C'mon Papa

C'mon Papa

Dispatches From A Dad in the Dark

Book - 2010
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Ryan Knighton's humorous and perceptive tales of fatherhood take us inside an unusual new family, one bound by its father's particular darkness and light.

C'mon Papa is Ryan Knighton's heartbreaking and hilarious voyage through the first year of fatherhood. Becoming a father is a stressful, daunting rite of passage to be sure, but for a blind father, the fears are unimaginably heightened. Ryan will have to find novel ways to adapt to nearly every aspect of parenting: the most basic skills are nearly impossible to contemplate, let alone master. And how will Ryan get to know this pre-verbal bundle of coos and burps when he can't see her smile, or look into her eyes for hints of the person to come?

But this is no pity party, and Ryan has no time for sentimentality. Tackling these hurdles with grace and humour, Ryan is determined to do his part - and this is where the fun starts. From holding his daughter as she wails into the night to their first nerve-wracking walk to the cafe, no activity between father and daughter is without its pitfalls. In his struggle to "see" Tess, Ryan reimagines the relationship between father and child during that first chaotic year.
Publisher: Toronto : A.A. Knopf Canada, c2010
ISBN: 9780307396693
030739669X
Branch Call Number: 362.41092 KNI NVD
Characteristics: 250 p. ; 22 cm
Alternative Title: Come on Papa

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ksoles Jun 20, 2011

In a way, Ryan Knighton's memoir sings a cliched tune: a father tries to re-define himself in his new role, to capture the overwhelming love he feels for his daughter and to feel contentment in being a "good enough" parent. But Knighton's journey through parenthood is uniquely challenging and impossibly treacherous because he is almost completely blind from retinis pigmentosa,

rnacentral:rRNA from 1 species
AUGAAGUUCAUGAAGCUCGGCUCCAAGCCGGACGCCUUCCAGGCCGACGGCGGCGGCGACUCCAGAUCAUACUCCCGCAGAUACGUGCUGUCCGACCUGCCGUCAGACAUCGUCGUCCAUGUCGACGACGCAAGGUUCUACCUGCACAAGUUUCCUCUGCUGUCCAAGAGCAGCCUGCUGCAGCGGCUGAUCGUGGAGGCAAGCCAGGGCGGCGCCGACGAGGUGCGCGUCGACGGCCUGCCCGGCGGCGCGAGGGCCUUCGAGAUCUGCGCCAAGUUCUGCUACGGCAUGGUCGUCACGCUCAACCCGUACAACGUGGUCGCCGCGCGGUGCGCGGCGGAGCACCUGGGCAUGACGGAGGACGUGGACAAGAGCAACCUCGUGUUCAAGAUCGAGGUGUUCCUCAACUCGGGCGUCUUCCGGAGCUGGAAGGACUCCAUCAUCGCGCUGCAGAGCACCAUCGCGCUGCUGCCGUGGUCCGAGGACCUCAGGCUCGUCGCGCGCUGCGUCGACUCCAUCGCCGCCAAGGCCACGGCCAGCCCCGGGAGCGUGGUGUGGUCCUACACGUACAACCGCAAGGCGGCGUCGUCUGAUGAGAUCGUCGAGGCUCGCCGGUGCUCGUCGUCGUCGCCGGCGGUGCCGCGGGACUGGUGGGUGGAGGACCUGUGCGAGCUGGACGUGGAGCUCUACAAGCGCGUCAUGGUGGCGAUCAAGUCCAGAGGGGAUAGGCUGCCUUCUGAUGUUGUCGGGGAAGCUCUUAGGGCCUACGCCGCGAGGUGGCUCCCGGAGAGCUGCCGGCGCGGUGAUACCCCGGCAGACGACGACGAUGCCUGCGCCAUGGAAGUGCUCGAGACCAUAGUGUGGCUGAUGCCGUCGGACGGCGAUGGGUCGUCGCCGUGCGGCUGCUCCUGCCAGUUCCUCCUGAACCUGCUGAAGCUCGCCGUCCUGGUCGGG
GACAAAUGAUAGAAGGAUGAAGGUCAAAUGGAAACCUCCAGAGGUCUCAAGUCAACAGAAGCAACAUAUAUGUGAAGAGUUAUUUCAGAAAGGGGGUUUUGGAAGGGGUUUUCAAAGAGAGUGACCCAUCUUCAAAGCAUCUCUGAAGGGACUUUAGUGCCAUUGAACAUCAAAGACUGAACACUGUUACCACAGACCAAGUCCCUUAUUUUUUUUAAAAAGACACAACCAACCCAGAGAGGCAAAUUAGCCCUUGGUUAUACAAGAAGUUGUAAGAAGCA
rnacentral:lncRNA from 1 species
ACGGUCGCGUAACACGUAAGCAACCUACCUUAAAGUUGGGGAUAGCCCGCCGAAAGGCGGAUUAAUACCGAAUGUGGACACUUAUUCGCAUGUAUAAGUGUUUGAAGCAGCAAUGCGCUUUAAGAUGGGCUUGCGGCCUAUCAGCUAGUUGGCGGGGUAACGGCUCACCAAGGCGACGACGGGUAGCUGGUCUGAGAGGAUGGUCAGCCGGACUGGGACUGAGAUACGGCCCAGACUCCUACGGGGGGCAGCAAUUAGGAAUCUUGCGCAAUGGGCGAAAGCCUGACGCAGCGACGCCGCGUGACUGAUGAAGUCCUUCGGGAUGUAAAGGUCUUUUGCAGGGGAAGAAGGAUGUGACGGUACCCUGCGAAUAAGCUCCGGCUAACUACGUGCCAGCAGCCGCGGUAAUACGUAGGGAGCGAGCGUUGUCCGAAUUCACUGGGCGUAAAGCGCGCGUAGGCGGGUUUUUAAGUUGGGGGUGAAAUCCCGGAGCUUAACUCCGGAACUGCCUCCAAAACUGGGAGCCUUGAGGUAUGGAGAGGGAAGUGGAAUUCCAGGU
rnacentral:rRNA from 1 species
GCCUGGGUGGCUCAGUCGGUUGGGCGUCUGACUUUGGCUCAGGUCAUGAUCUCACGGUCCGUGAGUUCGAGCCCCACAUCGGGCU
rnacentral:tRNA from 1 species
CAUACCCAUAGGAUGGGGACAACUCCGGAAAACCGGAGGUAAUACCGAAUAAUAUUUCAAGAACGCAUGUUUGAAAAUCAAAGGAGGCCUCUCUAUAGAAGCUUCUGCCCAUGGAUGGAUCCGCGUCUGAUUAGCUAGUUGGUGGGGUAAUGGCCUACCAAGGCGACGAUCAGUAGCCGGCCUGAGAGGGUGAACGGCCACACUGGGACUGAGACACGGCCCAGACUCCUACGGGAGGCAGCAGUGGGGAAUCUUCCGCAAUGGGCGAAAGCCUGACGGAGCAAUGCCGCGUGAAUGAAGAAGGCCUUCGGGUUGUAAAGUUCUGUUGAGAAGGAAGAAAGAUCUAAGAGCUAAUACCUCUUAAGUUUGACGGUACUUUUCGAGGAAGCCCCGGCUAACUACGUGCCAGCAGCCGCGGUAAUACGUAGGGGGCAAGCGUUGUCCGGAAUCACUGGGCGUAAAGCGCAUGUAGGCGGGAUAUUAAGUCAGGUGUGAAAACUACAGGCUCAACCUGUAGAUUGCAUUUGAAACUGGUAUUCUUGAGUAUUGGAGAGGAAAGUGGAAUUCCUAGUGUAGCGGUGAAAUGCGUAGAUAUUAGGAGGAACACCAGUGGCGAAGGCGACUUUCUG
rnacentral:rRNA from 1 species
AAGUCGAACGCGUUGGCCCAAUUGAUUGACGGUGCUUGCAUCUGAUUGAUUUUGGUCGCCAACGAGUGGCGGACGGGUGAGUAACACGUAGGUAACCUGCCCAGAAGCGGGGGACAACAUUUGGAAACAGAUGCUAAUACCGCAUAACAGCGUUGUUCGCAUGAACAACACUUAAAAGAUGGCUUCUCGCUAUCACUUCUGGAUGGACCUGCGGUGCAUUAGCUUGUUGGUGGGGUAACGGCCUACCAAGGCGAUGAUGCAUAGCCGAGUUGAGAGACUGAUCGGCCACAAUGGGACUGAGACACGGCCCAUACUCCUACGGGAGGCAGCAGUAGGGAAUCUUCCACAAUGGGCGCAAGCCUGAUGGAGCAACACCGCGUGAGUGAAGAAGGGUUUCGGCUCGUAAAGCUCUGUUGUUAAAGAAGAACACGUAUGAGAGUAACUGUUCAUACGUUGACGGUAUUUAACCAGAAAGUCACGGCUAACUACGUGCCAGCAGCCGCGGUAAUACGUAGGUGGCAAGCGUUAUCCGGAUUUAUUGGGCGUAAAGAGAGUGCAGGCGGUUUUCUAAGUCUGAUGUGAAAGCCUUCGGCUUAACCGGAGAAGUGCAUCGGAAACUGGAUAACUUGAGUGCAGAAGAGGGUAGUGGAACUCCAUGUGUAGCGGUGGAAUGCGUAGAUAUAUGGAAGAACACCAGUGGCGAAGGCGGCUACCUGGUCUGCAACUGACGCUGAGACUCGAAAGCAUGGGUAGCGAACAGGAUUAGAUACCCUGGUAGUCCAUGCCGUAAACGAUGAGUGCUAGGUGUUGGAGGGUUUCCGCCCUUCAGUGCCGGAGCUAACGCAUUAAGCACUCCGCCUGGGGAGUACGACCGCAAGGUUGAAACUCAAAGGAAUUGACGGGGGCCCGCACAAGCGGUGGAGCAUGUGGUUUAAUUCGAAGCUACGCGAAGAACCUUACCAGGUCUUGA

"C'mon Papa" chronicles Knighton's daughter's birth from pre-conception until Tess turns a year. Deftly blending the humourous and the heartbreaking, Knighton describes attending amniocentesis, walking the busy streets of Vancouver with Tess strapped to his chest, and fruitlessly stabbing at his daughter's face with a soother. Through it all, he remains honest and perceptive, engagingly telling his story without bravado.

l
listmaniac
Dec 08, 2010

I agree with Angela_biblio, this book is not as funny as Cockeyed... I would add that it's not as "deep" either. It is a page turner, it's very visual (which is impressive coming from a blind author), but I find it overly descriptive to a point where there's not much left for the reader to do.

thombe Oct 05, 2010

A humourous and very realistic view of parenting and things that as sighted parents we take for granted.

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